WWW

Ignore
« Reply #4 on: April 25, 2004, 03:13:15 PM »

KD5JFT, would you be so kind and e-mail me the picture you spoke about? Or e-mail me and I'll tell you why I want it.

Alan, KØBG
k0bg@aol.com
http://www.k0bg.com
Logged

G7HEU
Member

Posts: 261


WWW

Ignore
« Reply #5 on: April 25, 2004, 06:24:37 PM »

Thanks for the replies all. Just got back from a 300 mile round trip with no RF induced problems.

I use a seperate battery for the radio so it looks like I can stop worrying. I was already well aware of the dangers of putting things in front of air bags.

My best contact was on 20Mtrs to a special event station in Italy. He was operating from what used to be Marconis' house - I think I'm going to enjoy H.F. mobile!

Steve
M0HEU / G7HEU.

p.s. A friend of mine rolled his Alfa Romeo and none of the air bags deployed.
Logged
WB2WIK
Member

Posts: 20611




Ignore
« Reply #6 on: April 26, 2004, 06:15:06 PM »

It would be possible to "roll" a car without the air bags deploying, since the activation mechanism senses very fast deceleration, as happens when you hit something.  If you go into a roll without any serious deceleration, I can see how the mechanism wouldn't fire.  Of course, the mechanisms probably vary nowadays -- I'm recalling the way the original sensors worked, which was a kind of pendulum device similar to what keeps seat belts/shoulder harnesses snug in a collision, but then lets you pull them away if parked.

Then, maybe they are supposed to deploy, but didn't because the Alfa was built during the afternoon Vino break...

The advice about keeping objects out of the path of explosion in the event of an air bag activation is good.  I cringe when I see people using Velcro and stuff to hold their remote front panels for rigs, sometimes directly in the path of the potential bag explosion.  It must hurt a lot to be hit in the mouth with a front panel at hundreds of feet per second.

WB2WIK/6


Logged
AD0AC
Member

Posts: 36


WWW

Ignore
« Reply #7 on: April 28, 2004, 04:56:16 PM »

SRS systems aren't going to be deployed by any kind of RF. The systems are set to respond to various sequentially-triggered sensors, all of which must agree in order to trigger the final switch, usually a powder-driven pyrotechnic switch, which then sends the signal to the SRS module to fire and deploy the restraint. It's all a combination of deceleration and force that the computers use to determine whether or not to deploy the restraint. "Airbags" do not explode, they deploy and the "bag" immediately deflates to aid egress from the vehicle. It is not uncommon for people to sustain superficial light burns from the hot gas exiting the bag via large vents.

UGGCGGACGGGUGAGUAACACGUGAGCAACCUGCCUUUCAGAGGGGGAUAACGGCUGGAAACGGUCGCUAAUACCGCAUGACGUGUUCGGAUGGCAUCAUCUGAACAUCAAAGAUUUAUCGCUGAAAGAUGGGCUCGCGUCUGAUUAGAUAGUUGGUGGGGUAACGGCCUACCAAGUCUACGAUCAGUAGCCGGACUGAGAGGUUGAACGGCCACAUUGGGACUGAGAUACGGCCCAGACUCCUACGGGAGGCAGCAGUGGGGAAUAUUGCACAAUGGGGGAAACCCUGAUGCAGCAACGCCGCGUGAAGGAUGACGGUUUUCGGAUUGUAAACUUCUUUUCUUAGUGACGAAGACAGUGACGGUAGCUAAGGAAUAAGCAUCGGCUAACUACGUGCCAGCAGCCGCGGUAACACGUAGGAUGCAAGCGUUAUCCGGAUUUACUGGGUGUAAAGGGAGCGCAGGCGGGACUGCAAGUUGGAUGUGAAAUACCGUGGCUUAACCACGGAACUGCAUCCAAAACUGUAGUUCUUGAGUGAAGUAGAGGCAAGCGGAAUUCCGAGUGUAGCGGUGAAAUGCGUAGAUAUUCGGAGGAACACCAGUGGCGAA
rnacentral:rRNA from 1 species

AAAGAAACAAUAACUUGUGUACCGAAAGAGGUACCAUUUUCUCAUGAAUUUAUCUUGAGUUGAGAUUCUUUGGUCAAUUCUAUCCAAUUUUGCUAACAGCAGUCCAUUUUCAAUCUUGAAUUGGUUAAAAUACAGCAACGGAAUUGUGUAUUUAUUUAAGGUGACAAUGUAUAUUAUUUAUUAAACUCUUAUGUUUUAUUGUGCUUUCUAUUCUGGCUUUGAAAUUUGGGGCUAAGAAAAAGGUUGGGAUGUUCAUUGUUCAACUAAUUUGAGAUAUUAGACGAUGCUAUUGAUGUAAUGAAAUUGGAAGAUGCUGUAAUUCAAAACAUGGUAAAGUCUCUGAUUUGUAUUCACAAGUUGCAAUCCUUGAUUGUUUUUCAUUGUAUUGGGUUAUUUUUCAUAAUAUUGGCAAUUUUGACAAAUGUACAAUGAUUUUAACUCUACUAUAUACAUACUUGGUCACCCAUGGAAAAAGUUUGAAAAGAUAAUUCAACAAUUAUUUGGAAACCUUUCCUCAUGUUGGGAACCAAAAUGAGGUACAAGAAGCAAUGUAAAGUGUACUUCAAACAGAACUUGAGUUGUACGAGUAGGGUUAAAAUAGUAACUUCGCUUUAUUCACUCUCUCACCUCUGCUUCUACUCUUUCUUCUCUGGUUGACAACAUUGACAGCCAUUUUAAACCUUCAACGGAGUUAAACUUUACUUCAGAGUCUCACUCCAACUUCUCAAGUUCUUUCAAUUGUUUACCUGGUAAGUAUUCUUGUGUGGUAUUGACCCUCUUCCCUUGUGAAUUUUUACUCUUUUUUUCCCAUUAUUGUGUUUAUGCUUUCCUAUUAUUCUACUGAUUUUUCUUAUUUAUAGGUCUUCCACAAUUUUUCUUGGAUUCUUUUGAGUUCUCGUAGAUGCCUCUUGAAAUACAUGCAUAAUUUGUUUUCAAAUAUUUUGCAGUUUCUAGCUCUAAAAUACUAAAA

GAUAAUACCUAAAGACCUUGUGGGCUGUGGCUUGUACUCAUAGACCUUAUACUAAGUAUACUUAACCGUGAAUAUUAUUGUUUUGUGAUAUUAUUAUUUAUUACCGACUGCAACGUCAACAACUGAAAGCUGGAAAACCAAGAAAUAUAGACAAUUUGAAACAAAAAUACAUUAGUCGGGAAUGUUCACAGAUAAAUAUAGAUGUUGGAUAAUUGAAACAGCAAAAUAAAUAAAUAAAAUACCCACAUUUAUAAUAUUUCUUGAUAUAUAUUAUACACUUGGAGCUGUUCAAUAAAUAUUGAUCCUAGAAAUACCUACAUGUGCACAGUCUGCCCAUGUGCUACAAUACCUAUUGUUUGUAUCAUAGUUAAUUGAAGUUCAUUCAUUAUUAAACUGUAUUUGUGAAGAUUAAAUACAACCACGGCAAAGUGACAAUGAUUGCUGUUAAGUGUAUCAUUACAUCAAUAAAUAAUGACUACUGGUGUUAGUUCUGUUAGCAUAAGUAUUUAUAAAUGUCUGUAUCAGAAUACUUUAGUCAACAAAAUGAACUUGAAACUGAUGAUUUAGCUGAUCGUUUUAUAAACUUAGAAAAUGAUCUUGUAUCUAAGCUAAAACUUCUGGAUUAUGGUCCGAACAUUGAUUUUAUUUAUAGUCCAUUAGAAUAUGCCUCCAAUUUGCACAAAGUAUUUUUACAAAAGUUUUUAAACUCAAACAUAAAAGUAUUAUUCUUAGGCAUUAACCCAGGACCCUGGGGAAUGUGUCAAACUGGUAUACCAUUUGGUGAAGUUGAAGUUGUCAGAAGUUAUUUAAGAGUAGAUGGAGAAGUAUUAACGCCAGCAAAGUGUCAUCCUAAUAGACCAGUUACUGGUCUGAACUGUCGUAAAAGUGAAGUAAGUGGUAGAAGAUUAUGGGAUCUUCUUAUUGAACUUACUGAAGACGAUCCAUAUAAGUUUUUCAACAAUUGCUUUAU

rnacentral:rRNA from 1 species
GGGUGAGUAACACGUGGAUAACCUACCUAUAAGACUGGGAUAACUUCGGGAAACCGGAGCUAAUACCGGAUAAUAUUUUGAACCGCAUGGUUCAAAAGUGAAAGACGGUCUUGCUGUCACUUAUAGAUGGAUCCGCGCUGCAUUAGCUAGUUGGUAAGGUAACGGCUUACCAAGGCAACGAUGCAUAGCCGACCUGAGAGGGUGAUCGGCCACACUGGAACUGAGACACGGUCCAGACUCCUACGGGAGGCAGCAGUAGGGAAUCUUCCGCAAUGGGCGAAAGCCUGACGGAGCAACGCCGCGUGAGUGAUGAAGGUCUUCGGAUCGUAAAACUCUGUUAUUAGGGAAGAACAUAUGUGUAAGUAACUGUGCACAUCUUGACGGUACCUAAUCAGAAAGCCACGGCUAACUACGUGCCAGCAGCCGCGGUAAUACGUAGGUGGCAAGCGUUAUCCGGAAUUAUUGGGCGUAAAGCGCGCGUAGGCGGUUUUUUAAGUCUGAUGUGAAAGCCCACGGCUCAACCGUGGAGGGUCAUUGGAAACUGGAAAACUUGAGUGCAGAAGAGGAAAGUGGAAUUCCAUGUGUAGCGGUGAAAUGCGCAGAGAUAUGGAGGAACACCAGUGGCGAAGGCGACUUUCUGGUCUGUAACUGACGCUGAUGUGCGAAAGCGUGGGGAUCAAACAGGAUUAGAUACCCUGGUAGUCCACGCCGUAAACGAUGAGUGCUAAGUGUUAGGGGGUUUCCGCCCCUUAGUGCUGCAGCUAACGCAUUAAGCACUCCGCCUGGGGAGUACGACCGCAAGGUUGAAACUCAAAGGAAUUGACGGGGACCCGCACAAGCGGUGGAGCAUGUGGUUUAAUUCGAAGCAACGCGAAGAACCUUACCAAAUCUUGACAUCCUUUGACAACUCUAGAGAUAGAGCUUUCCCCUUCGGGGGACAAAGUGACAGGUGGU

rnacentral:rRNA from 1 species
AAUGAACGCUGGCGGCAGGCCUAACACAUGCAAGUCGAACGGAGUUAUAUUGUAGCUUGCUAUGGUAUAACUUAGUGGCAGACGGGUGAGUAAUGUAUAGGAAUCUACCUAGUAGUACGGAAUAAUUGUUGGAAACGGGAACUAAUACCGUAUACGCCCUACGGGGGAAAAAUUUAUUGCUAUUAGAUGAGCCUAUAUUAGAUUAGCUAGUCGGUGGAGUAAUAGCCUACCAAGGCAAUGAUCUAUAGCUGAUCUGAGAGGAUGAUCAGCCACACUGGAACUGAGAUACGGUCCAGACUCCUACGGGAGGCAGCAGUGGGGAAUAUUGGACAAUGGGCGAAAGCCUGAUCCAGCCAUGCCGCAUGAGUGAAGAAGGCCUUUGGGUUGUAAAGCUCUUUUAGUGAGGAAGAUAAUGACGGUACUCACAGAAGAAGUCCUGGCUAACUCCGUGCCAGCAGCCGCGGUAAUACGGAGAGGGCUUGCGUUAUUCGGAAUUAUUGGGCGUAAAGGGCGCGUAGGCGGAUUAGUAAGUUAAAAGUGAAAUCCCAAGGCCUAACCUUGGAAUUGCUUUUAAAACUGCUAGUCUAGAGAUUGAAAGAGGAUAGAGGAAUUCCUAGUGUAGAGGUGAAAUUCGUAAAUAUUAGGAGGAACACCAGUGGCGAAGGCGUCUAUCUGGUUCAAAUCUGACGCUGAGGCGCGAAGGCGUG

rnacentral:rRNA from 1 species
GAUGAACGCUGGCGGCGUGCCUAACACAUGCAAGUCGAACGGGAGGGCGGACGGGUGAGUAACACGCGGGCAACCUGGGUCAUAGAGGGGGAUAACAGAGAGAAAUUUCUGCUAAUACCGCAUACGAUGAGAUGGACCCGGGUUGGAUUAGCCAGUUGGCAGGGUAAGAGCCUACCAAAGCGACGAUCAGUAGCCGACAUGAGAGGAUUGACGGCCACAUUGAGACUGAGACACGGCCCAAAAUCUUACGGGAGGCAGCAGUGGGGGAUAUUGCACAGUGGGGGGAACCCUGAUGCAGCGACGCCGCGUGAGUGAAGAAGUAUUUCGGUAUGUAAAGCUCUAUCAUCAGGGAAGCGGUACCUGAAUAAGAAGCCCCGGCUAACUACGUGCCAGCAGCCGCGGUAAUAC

Automakers have recalled vehicles in the past because of defects in the restraint module that cause a deployment or fire, but no amateur RF transmitter is going deploy the restraint. You would have to be operating on the same frequency as the digital electronics at high power to even come close to triggering one of the sensors. If the restraint deploys while you are driving, chances are you'd be able to stay in control of the car long enough to stop safely.

If, for some reason, hell freezes over and your radio trips a sensor out of sequence, the computer would automatically shut down the entire SRS system and a warning light would come on the dashboard somewhere. This light means that the system is fully "safed" and the restraints cannot deploy. It also means that the system requires service, which may be expensive if you're out of warranty.

Relax, your radio isn't going to set off the airbag...
Logged
G7HEU
Member

Posts: 261


WWW

Ignore
« Reply #8 on: May 01, 2004, 03:51:47 AM »

Keyed the mic on 20Mtrs this morning and all four air bags went off. It's made a heck of a mess.


Not really! Thanks again for all the replies.

Steve.

Logged
Pages: [1]   Go Up
  Print  
 
Jump to:  

Powered by MySQL Powered by PHP Powered by SMF 1.1.11 | SMF © 2006-2009, Simple Machines LLC Valid XHTML 1.0! Valid CSS!